superintendent Tony Smith to address findings in the recently released Urban Strategies Report “A Deeper Look at African American Males in OUSD” and discuss measures to improve outcomes for black students
What: Press Conference on Disproportionate Outcomes for Black Males in the Oakland Unified School District
When: 12:00 pm, Tuesday, May 29
Where: Board Room of The Paul Robeson Administration Building, 1025 Second Avenue, Oakland, CA 94606
Oakland – May 24, 2012 – On Tuesday, May 22, the Urban Strategies Council released an important study titled “A Deeper Look at African American Males in OUSD.” http://www.urbanstrategies.org/aamai/
The report found that young black males languish behind their contemporaries of other genders and ethnicities in key areas such as academic achievement, graduation rates, literacy and attendance while outpacing them in suspensions and juvenile detention rates.
The report was unprecedented in terms of depth and detail, but its conclusions were depressingly familiar. The data underscored an ugly reality, namely that the prevailing conditions for black youth in Oakland are abhorrent, inequitable and entirely unacceptable.
As the primary institution with responsibility for Oakland’s children, The Oakland Unified School District (OUSD) must drive the change needed to upset the status quo and ensure that all students receive a quality education that allows for high levels of learning, social growth and college and career opportunities.
Since 2010, OUSD has made explicit and systematic attempts to improve the fortunes of black males, highlighted by the creation of the Office of African-American Male Achievement (AAMA), a department devoted to fostering practices that accelerate the development of African-American boys.
Many of its initiatives are designed to impact the issue which received the most scrutiny in the Urban Strategies report—disproportionate suspension rates for black males. A tremendous amount of work remains in this area, but OUSD has implemented a series of measures to help reverse a trend that limits the potential of not only black youth but also the Oakland community as a whole. Initiatives include:
Developed Full-Service Community Schools that, in addition to high-quality academics, provide wrap-around services and attention to students’ social and emotional needs
Created the Office of African-American Male Achievement (AAMA) to eliminate the academic and social inequities facing black males in Oakland
Adopted a tripartite approach to disproportionality, emphasizing prevention, intervention and restorative practices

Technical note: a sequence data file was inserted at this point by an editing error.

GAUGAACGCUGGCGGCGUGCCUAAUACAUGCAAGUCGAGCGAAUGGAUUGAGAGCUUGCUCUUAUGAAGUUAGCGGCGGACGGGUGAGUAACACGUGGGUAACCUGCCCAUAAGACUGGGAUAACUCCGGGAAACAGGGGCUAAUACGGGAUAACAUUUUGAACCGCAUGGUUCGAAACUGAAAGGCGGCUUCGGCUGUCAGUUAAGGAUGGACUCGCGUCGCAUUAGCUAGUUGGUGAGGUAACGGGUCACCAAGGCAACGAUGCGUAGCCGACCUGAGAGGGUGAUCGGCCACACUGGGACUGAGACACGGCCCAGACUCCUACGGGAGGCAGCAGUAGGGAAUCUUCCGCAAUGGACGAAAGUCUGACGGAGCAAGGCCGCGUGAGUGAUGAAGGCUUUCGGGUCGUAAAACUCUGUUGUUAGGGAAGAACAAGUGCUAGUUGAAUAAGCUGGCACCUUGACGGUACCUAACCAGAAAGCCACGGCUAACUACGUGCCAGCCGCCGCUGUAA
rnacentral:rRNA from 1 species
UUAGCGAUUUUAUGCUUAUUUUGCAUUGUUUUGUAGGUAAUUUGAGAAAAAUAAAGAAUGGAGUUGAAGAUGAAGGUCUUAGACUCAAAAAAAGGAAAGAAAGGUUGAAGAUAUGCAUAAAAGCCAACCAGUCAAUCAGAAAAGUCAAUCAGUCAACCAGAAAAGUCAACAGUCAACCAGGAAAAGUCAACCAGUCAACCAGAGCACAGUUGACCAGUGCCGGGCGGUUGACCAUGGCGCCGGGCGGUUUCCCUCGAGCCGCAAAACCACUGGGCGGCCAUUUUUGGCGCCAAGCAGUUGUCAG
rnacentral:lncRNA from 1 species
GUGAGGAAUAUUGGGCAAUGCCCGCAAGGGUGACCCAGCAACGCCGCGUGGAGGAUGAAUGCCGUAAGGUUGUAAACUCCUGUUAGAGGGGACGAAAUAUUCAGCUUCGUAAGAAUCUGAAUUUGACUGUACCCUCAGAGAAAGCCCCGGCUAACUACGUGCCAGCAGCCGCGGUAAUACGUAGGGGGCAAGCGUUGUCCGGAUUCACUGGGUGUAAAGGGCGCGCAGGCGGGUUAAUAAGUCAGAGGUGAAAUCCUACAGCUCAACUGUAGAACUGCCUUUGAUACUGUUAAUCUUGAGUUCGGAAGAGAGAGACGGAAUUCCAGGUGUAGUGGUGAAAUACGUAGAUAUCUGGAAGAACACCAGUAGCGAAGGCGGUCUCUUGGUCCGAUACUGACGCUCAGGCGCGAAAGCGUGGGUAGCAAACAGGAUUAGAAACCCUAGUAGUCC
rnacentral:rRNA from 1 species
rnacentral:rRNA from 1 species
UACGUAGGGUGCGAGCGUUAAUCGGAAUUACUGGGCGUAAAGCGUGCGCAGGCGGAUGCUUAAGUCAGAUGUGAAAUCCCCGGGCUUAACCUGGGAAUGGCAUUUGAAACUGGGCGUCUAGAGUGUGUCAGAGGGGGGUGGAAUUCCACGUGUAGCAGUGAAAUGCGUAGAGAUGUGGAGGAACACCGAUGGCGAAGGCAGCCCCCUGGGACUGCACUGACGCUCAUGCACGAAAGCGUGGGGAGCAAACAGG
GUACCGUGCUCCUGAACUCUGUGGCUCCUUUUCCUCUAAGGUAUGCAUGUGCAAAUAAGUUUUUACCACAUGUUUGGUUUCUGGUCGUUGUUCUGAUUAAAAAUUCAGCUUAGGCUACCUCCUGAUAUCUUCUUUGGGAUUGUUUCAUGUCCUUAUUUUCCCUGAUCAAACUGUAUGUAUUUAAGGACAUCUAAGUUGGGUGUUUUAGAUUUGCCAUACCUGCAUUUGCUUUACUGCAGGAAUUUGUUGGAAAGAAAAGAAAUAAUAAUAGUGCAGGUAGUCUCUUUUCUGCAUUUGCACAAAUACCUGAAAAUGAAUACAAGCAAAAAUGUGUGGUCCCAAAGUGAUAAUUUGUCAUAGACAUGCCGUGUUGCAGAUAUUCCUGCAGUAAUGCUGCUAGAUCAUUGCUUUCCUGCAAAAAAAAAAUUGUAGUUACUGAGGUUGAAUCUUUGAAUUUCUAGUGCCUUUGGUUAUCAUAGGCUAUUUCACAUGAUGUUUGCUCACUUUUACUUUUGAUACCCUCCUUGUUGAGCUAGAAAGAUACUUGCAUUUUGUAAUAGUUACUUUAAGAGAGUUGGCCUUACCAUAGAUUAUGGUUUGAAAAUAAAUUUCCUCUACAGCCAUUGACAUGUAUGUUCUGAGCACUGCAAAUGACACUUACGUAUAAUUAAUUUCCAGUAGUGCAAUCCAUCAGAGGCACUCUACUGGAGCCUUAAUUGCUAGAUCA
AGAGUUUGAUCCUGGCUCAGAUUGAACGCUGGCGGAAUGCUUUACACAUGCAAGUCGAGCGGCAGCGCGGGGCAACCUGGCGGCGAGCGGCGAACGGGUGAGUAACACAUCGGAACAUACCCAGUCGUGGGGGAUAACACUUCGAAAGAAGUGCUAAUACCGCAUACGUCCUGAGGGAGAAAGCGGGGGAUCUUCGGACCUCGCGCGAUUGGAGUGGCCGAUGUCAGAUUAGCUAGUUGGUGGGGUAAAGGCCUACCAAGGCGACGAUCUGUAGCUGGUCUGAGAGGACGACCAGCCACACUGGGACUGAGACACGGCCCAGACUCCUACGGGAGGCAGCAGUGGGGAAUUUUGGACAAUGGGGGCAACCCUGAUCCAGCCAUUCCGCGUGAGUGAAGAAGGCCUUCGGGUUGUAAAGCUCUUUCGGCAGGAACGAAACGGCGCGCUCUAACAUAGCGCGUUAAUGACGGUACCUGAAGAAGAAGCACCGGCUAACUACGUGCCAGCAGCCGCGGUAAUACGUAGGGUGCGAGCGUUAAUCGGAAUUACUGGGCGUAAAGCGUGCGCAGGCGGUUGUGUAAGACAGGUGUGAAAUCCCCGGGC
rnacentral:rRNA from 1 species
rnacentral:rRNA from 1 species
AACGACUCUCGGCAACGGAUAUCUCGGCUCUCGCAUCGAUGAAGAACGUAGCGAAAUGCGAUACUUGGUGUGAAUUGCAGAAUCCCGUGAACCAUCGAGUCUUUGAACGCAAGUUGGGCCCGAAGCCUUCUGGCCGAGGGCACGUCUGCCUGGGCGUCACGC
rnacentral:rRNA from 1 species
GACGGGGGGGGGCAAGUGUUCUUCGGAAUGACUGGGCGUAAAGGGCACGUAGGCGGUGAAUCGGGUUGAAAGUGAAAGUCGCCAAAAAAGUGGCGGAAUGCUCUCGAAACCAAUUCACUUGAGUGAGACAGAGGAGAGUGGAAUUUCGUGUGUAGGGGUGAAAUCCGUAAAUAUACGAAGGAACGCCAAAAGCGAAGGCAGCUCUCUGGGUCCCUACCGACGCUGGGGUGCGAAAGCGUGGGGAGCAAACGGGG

Research and Assessment
Reviewed and promoted national best practices for reducing racially disproportionate suspensions
Disaggregated student data by ethnicity and gender to allow for better analysis of factors impacting disproportionate outcomes for black males in suspensions and attendance. Provided data year-round for early intervention
Focus on reducing suspensions for “defiance,” a non-violent category that does not warrant removing a student from school
Created early warning/early intervention reports based on academic, attendance, and out-of-school suspension indicators
Social, Emotional and Behavioral
Rejected zero-tolerance strategies as counter-productive
Adopted Restorative Justice principles that change the approach from punitive discipline to restorative practices, emphasizing the harm caused and supporting the offender in providing reparations to the victim
Introduced Positive Behavioral Intervention and Support Strategies (PBIS) to teach and reinforce positive school-wide behavioral expectations that are fair and equally applied to all students in all contexts
Piloted Manhood Development classes to help black males better manage peer and adult relationships, producing a positive impact in attendance rates, discipline and GPA among program participants
Hosted African-American Family Summit to form a community consensus on the design of an extraordinary school that serves black students well
Instituted universal screening for reading comprehension in grades 2-12
Identified secondary sites with a strong correlation between low literacy rates and low attendance rates, as well as between low literacy rates and high rates of suspension and referrals to special education programs
Implemented additional literacy supports to assist with students reading below grade level at 14 secondary sites
Redirected intervention resources to where they’re most needed (schools with the highest percentages of struggling students)
These initiatives are just the start of a comprehensive effort to eliminate inequitable treatment and wildly disparate outcomes for black males as compared to other student populations in the Oakland Unified School District.
What: Press Conference on Disproportionate Outcomes for Black Males in OUSD
When: 12:00 pm, Tuesday, May 29
Where: The Paul Robeson Administration Building, 1025 Second Avenue, Oakland, CA 94606
For more information, please contact Troy Flint, OUSD Spokesperson, at (510) 473-5832 or firstname.lastname@example.org.